5 Ways Netflix is Changing the Business of Television and Motion Picture
Image credit pulsosocial.com
From humble beginnings as a snail-mail-based DVD delivery service, Netflix has grown into a media production and distribution juggernaut. In 1997, when Netflix was founded by Marc Randolph and Reed Hastings, it was essentially a mail-order video store, unique only in that it saved the user two trips to the rental store and had fewer than 1,000 film titles to offer. As of September of 2013, the company reported itself as having more than 40 million subscribers worldwide, and they seem to be in the news every week announcing new milestones, new initiatives and new products and services.
5 Netflix Reversed the “Studio System” of Production and Distribution
For a company founded to ship other people’s films to your mailbox, Netflix has managed to become an impressive production company in its own right. In the past (meaning the mid-20th century), the standard progression was for a film production studio to grow so large and lucrative it began to manage the theatrical distribution of its own pictures. Today we have witnessed the reverse: Netflix grew so successful as a distribution platform that they began to acquire and produce original content which they would then distribute. This not only gives them total control of the content, but also avoids licensing fees from traditional distributors.
4 Netflix Allows Viewers to Choose How and When They Watch
Even more revolutionary than the announcement that a distribution company was making the jump into production was the revelation that Netflix was making entire series available for viewing all at once. Netflix executives understood that the modern television viewer often prefers to “binge watch” programs, viewing back-to-back episodes of shows in marathon sessions. Rather than forcing this type of viewer to wait months for a show to roll out over the course of a season, Netflix releases shows in huge batches of episodes, and they have done so with extreme success.
3 Netflix Adds High Profile Content ASAP
When Netflix is not busy producing its own award-worthy content, it is doing what it has always done—providing its subscribers access to the work of others. But recently the company has stepped up its game in that regard, acquiring streaming rights to the most successful shows on television and making them available only shortly after their original airing. The company has had immense success offering the hit show “Breaking Bad,” for example, and now just this week they announced a deal with Showtime to offer that network’s heretofore exclusive offering “Dexter,” a series which wrapped just weeks ago.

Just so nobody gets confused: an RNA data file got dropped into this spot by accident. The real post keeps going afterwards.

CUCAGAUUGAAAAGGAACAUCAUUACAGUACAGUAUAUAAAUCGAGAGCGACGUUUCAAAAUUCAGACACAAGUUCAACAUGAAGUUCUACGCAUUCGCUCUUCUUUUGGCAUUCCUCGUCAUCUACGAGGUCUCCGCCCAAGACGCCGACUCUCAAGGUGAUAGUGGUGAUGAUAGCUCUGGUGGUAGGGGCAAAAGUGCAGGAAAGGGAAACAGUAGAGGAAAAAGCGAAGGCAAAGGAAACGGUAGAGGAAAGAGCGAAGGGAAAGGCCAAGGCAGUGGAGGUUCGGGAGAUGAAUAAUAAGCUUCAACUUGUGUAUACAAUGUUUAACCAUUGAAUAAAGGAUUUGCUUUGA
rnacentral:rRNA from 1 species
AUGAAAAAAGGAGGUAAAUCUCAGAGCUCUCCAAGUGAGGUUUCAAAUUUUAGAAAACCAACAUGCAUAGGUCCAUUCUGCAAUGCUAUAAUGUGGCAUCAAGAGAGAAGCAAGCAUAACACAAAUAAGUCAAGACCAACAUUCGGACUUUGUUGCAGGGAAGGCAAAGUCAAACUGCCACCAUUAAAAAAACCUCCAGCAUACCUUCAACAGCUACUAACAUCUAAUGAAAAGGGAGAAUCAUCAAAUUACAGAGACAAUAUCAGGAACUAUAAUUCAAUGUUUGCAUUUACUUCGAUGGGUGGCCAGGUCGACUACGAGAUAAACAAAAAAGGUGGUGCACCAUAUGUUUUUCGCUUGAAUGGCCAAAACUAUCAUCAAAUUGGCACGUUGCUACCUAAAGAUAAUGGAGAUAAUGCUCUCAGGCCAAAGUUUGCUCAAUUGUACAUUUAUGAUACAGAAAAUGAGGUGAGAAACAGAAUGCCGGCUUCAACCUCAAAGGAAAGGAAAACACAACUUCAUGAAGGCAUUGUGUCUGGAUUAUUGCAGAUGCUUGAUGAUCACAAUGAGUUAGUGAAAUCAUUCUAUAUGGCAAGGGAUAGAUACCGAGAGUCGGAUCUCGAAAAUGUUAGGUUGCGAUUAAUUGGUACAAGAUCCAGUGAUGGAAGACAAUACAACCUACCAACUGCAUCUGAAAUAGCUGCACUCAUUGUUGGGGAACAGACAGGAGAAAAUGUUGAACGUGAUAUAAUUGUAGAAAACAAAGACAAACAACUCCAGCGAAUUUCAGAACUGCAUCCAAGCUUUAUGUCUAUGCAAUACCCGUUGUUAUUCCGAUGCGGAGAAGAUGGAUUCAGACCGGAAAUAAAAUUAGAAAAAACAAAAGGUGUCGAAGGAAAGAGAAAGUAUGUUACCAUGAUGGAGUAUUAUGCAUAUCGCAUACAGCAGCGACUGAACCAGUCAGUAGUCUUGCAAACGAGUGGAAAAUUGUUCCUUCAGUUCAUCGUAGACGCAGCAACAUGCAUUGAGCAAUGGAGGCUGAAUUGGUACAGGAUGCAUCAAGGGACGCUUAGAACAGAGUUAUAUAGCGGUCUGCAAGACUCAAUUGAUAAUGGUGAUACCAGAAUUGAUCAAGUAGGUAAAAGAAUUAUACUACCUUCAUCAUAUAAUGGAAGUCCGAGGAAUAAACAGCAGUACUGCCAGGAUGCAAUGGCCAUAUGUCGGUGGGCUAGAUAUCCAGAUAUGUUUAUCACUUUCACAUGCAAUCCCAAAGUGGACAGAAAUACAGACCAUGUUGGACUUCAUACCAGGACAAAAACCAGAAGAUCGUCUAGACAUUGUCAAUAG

2 Netflix Wants a Channel on Your TV
Imagine flipping through the channels on your cable television only to land on one that offered you nearly endless choices for content viewing. Thanks to a new set-top box designed by Samsung in partnership with Netflix, that option could soon be a reality. The aftermarket hardware would work in concert with partnered cable channels to make an interactive Netflix channel appear alongside other channels such as HBO and FX. It remains to be seen if cable companies will see this as an infringement on their turf or as an opportunity for new (and potentially inevitable) growth.
1 Netflix Wants to Offer Movies the Same Day They Hit Theaters
In what would be the ultimate coup, Netflix Chief Content Officer Ted Sarandos has announced the company’s intention to make movies available for viewing via Netflix the same day they hit the big screen. Of course theater chains and the related distribution companies that support them will hate the idea, but consumers, evermore predisposed to consume content at home on giant flat screen TVs or on the go via mobile platforms, would surely respond enthusiastically. To make an end run around the certain protestation and preventive action of traditional distributors, Sarandos referenced Netflix’s ability to produce its own quality content.